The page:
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Is the secret to weight loss determined by your blood type? If you ask some blood-type diet fans, yes. If you ask us, doubtful. Never heard of this diet craze? Here are the basics.
Premise for the Diet
Diets based on blood type suggest that your type (that is, A, B, AB or O) determines your dietary needs and dictates how your body digests food and burns calories. Advocates associate food selections around ancestry and evolution. For example, ancient man supposedly had type O blood and so folks with this blood type are better off eating animal proteins (since meat was a staple in the diet way back when). Grains and dairy (i.e. more cultivated food) were less common, and therefore type O’ers don’t digest them well. These diets also propose that your blood might mean you’re more prone to particular food allergies, aversions, eating habits and even medical conditions. They often offer advice on what types of physical activity are best for your type types.
What Does Your Blood Type Mean?
The book Eat Right For Your Type, by naturopath Dr. Peter D’Adamo, breaks down the specifics. The main focus of the diet is to eat whole foods (no processed junk allowed), but there are laundry lists of foods that allowed and forbidden. There’s also a painfully long list of the vitamin, mineral and herbal supplement he thinks you need. Here are some of the what-to-eat highlights:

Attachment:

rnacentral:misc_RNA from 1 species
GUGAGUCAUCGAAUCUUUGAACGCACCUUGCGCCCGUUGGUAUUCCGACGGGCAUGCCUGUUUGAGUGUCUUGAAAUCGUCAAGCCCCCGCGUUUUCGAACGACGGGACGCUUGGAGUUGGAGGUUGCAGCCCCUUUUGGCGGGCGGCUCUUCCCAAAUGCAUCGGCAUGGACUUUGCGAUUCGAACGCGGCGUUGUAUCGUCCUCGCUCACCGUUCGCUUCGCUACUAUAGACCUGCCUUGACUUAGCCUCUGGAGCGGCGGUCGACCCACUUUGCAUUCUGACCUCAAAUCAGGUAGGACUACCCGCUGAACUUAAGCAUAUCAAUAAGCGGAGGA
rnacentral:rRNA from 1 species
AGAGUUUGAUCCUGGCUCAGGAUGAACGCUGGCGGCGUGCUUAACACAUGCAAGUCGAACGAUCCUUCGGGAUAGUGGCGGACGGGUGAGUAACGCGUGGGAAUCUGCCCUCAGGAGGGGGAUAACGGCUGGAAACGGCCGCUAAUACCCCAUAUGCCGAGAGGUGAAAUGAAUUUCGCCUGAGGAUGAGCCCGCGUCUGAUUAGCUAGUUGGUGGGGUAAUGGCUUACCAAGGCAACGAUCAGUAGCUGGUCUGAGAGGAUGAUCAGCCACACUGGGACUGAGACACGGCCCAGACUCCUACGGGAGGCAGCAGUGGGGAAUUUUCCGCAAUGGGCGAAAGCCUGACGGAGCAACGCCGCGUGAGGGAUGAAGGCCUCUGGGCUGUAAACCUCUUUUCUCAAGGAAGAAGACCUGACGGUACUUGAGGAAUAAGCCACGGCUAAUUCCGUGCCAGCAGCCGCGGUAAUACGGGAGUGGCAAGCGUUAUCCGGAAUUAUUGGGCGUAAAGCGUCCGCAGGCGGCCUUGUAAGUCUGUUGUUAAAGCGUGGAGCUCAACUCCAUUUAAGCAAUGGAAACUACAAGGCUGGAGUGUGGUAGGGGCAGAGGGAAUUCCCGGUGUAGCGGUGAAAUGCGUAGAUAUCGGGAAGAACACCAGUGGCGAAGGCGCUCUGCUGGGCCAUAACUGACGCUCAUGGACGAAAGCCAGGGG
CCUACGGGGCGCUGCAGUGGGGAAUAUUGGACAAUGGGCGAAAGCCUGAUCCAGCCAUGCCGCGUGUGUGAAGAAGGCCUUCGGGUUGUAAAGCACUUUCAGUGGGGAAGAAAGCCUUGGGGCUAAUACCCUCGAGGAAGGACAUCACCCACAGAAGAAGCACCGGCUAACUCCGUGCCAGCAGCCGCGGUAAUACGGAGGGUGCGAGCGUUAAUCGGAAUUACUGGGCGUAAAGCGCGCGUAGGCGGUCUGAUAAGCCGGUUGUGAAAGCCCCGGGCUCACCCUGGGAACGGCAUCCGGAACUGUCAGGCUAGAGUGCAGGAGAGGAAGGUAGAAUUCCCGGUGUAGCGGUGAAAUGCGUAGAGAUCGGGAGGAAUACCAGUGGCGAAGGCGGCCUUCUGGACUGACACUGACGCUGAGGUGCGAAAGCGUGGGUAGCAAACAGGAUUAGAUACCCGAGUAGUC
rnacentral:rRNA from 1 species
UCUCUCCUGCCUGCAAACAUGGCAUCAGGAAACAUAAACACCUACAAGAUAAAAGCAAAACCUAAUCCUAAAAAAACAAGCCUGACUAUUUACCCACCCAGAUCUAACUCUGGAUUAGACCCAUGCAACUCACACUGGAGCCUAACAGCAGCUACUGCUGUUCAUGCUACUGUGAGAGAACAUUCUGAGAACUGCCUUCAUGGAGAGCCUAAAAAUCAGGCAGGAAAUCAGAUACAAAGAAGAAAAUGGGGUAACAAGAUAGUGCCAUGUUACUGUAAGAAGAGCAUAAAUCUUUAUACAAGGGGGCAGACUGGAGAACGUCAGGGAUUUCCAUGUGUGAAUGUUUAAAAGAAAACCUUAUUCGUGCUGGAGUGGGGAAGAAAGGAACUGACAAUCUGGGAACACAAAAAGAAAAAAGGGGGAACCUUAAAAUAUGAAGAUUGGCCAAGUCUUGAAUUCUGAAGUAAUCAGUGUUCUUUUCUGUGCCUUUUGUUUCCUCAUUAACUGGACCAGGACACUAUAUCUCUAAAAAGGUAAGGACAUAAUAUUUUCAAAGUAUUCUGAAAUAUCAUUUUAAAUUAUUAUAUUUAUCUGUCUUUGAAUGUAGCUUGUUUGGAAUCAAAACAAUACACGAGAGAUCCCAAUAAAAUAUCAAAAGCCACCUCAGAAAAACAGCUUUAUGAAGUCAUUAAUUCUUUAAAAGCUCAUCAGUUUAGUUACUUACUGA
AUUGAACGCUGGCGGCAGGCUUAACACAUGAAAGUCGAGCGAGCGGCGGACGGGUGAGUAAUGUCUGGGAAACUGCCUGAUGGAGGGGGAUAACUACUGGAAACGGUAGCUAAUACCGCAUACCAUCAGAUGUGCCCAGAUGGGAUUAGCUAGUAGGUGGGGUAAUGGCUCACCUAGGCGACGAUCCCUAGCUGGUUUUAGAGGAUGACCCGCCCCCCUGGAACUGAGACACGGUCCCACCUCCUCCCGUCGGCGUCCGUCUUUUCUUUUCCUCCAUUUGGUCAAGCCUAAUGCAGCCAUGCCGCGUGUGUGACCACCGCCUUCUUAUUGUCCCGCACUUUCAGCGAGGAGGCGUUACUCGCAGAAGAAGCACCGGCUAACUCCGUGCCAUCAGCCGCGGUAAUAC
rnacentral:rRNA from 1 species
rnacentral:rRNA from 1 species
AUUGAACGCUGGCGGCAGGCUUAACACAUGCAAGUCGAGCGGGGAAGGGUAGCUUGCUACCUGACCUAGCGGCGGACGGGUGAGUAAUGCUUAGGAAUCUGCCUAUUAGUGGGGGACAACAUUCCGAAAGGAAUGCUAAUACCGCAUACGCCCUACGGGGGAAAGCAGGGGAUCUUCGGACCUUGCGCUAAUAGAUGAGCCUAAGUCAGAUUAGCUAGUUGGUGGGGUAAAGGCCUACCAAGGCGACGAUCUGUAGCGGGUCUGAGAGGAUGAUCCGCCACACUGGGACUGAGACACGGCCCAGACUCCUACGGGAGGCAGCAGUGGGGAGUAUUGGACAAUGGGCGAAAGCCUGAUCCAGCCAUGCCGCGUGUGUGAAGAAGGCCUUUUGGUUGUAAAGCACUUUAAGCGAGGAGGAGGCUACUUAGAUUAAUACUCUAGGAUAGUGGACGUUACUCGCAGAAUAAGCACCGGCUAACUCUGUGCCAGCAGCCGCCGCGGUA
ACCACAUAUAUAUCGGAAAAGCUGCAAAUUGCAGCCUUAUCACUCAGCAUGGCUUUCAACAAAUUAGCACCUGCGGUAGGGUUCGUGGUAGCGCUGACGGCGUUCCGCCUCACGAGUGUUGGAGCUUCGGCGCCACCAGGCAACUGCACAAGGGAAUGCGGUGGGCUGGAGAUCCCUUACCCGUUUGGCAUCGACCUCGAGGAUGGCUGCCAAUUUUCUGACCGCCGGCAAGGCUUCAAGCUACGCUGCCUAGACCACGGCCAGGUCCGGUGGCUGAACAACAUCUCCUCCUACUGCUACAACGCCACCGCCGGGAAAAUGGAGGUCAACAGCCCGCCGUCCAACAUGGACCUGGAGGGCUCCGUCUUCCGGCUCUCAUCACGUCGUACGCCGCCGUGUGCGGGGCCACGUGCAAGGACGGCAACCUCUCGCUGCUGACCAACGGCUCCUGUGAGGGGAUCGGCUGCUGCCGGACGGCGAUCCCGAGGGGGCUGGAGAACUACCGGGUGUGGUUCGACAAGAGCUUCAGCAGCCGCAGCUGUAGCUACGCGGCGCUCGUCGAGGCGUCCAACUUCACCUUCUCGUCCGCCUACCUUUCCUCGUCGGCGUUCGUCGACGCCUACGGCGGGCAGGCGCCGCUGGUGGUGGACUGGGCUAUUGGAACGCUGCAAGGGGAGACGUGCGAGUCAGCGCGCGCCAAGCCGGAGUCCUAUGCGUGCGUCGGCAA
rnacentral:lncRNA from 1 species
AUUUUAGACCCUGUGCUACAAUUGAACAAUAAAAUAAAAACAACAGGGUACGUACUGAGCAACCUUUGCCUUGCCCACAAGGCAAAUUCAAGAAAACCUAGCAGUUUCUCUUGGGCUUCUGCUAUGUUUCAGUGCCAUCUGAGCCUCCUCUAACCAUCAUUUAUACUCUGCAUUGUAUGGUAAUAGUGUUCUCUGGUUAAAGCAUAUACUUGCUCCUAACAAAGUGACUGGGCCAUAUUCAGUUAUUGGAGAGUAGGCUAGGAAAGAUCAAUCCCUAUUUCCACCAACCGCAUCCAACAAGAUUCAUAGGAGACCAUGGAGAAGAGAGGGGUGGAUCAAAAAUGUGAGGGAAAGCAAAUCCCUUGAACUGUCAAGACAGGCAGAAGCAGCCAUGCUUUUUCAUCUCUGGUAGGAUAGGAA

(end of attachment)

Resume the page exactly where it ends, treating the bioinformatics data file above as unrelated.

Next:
Type O: Lots of animal protein but only small amounts of grains and dairy
Type A: Lots of grains, fruits and vegetables but very limited amounts of meat and dairy
Type B: Most foods in moderation; breads and pastas are limited
Type AB: No wheat, gluten and read meat and only dairy in moderation
Does It Work? Is It Safe?
With this diet, you can forget about enjoying many (or most) of the foods you’re used to eating — especially the junky stuff. By drastically alter your eating habits, there’s a good chance you’ll eat less calories and therefore lose some weight, but this has nothing to do with your blood type. Taking in too few calories is not only bad for your metabolism, but it usually ensures that you will gain the weight back when you revert to your old ways. Cutting out large groups of food puts you at greater risk for serious nutrient deficiencies, and taking on a complicated supplement regimen can be extremely dangerous — especially if you’re on prescription medication.
Bottom Line: A blood-type diet may focus on healthy foods, but overall it is way too complicated and restrictive to be realistic or good for you.
Now is the time many folks start breaking their New Year’s resolutions. At the gym, lines for the elliptical machine are slowly dwindling, while at home, healthy eating habits are beginning to slide. If you’re starting to fall off the wagon, instead of going back to your old habits for the remaining 11 months of the year, brush yourself off and get back on.